I have the best job in the world—this food blogging gig—but that doesn’t mean it’s easy. I love the creative aspects that I get to share with you all every week and the more analytical, technical stuff that goes on behind the scenes. However! Juggling taxes on top of the usual grocery shopping, recipe testing and kitchen cleaning, photo editing, writing, bookkeeping, web design, contract negotiations and meetings… has been a bit much this week. Wine me, please.
I thought I’d share a collection of my favorite vegetarian cookbooks since I’m often asked for cookbook recommendations. These are the cookbooks that keep me inspired; the books I reach for again and again. About half are strictly vegetarian, several are vegan and a few feature some meaty recipes in between their (mostly) meatless pages. Basically, these are the cookbooks that this vegetarian finds most helpful. What are yours?!
You’ll find brief notes on why I like each book below, as well as links to purchase them on Amazon. (Head’s up, those links are affiliate links, so thank you for funding my future cookbook purchases!) I’ll probably have to add more as time goes by, since a few of my favorite bloggers (Erin, Jeanine,Laura) are coming out with new cookbooks that I can’t wait to see. Oh, and I threw in a couple of Cookie pics to keep things interesting.
1) The Complete Vegetarian Cookbook
by America’s Test Kitchen
Exactly what it sounds like. You can probably find any meatless recipe that comes to mind in this book. This book is brand new, but it has already become my most referenced cookbook. The resident geniuses at ATK test each recipe every which way so you’re pretty much guaranteed a solid outcome.
2) The Vegetarian Flavor Bible
by Karen Page
This is not a cookbook. It’s a thesaurus of flavors that play nicely with one another. Any time I’m wondering what to make with, say, mango or eggplant, I flip open this book. Skimming through the list of complementary flavors always gets my wheels turning!
3) The Fresh & Green Table
by Susie Middleton
Classic, comforting, hearty, vegetable-driven recipes. The author is a stellar recipe writer and all of the recipes I’ve tried have turned out beautifully. A few of the recipes contain meat as an accent, but the vast majority are vegetarian.
4) Super Natural Every Day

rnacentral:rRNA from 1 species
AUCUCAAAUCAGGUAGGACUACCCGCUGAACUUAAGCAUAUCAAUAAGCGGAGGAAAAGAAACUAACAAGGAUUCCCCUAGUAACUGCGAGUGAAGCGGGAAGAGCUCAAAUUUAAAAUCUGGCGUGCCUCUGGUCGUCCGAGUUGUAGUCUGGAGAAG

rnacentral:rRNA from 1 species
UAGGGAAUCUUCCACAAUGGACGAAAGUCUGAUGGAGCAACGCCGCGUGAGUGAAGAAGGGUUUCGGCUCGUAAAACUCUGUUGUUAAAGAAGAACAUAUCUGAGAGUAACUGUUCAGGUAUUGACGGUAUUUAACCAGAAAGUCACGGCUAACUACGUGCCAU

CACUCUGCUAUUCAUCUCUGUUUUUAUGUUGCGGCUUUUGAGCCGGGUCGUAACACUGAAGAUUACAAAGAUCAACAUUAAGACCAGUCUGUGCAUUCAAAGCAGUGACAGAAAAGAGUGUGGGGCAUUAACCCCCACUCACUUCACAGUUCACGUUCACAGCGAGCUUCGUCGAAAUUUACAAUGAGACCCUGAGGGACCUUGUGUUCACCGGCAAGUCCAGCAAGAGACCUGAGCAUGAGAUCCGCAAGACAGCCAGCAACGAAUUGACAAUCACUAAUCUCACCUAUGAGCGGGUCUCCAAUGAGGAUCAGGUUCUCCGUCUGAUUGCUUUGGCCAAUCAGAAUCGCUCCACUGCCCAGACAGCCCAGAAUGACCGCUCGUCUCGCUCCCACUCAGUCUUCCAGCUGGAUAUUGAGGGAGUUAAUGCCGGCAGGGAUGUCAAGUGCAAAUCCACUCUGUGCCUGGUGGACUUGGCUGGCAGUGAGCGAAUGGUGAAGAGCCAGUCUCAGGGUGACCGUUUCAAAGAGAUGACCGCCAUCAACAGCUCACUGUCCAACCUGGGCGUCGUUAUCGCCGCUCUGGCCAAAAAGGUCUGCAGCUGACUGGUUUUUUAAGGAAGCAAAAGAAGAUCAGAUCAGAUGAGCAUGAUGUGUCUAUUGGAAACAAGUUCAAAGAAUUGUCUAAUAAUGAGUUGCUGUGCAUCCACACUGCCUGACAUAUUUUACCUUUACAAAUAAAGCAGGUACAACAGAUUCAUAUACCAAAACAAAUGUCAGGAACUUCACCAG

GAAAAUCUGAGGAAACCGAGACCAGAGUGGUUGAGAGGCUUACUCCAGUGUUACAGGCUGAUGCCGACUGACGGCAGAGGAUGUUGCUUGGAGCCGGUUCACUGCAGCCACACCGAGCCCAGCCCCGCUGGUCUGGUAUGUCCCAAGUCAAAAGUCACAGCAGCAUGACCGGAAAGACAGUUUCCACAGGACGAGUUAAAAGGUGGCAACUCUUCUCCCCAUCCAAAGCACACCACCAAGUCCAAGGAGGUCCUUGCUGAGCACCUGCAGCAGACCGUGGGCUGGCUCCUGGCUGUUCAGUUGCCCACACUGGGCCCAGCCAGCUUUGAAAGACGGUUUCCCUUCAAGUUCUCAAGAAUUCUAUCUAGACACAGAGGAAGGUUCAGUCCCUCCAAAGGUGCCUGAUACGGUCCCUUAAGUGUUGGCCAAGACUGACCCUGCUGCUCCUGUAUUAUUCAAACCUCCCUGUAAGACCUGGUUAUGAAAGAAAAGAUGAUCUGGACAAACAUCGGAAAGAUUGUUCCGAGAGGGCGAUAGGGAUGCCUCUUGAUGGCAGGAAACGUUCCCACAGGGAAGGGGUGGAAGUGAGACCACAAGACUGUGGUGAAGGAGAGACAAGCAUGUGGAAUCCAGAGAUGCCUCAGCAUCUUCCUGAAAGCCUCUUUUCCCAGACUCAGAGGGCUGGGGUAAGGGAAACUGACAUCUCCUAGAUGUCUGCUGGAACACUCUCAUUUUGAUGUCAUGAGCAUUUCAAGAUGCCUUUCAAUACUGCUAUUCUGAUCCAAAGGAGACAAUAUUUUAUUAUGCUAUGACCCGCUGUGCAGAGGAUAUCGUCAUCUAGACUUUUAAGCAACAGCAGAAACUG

by Heidi Swanson
This is a beautiful collection of everyday, whole-foods focused vegetarian recipes from Heidi Swanson. Bet you can tell they were made in San Francisco!
5) The Oh She Glows Cookbook
by Angela Liddon
This best-selling vegan cookbook from Angela of Oh She Glows offers over 100 delicious and approachable recipes from breakfast through dessert. I honestly don’t miss the cheese in this cookbook!
6) The Smitten Kitchen Cookbook
by Deb Perelman
You probably know Deb. She’s been sharing recipes and making us giggle since 2006. This is her first cookbook (she’s working on her second now) and it’s full of creative recipes that I want to eat! It’s not a vegetarian cookbook, but her vegetarian mains section is just as long as the meaty counterpart.
7) Cafe Flora Cookbook
by Catherine Geier and Carol Brown
Cafe Flora is an inspiring vegetarian restaurant in Seattle and this is their cookbook. It’s overflowing with brilliant recipes. I only wish they offered more photos of them!
by Laura B. Russell
This is a fun cookbook offering 80 recipes featuring brassicas, which is the fancy name for kale, cauliflower, Brussels sprouts and their cousins. I’m so glad those mega-healthy, mega-tasty vegetables have been getting the attention they deserve lately. Vegetables are the focus in this book, although a few of the recipes call for meat as an accent.
9) Whole-Grain Mornings
by Megan Gordon
In this book, Megan of A Sweet Spoonful offers about 80 seasonal grain breakfast recipes for all four seasons. All of the recipes feature whole grains, which means they’ll keep you fueled for hours. (A few of the recipes include bacon, but they’re almost all vegetarian.)
10) Thug Kitchen: The Official Cookbook
by Thug Kitchen
Warning: do not buy this book if you’re offending by profanity. This is a no-nonsense, no-excuses vegan cookbook full of simple recipes that I really want to eat. It’s been topping the best seller charts, too, which must mean that plant-based recipes are hitting the mainstream. Right?
11) Isa Does It
by Isa Chandra
Isa is famous for her vegan cookbooks. Her latest offers tons of inspiring recipes and vibrant photographs to go along with them. This book makes cashew-based pasta sauces look sooo good.
More resources you might appreciate: You can shop my essential kitchen equipment here and check out my guide to the fruit and vegetable tools you actually need here. Don’t forget to follow us on Pinterest for a steady stream of recipe inspiration!
ABOUT KATE TAYLOR
Vegetable enthusiast. Dog lover. I’m probably making a big mess in my Kansas City kitchen right now.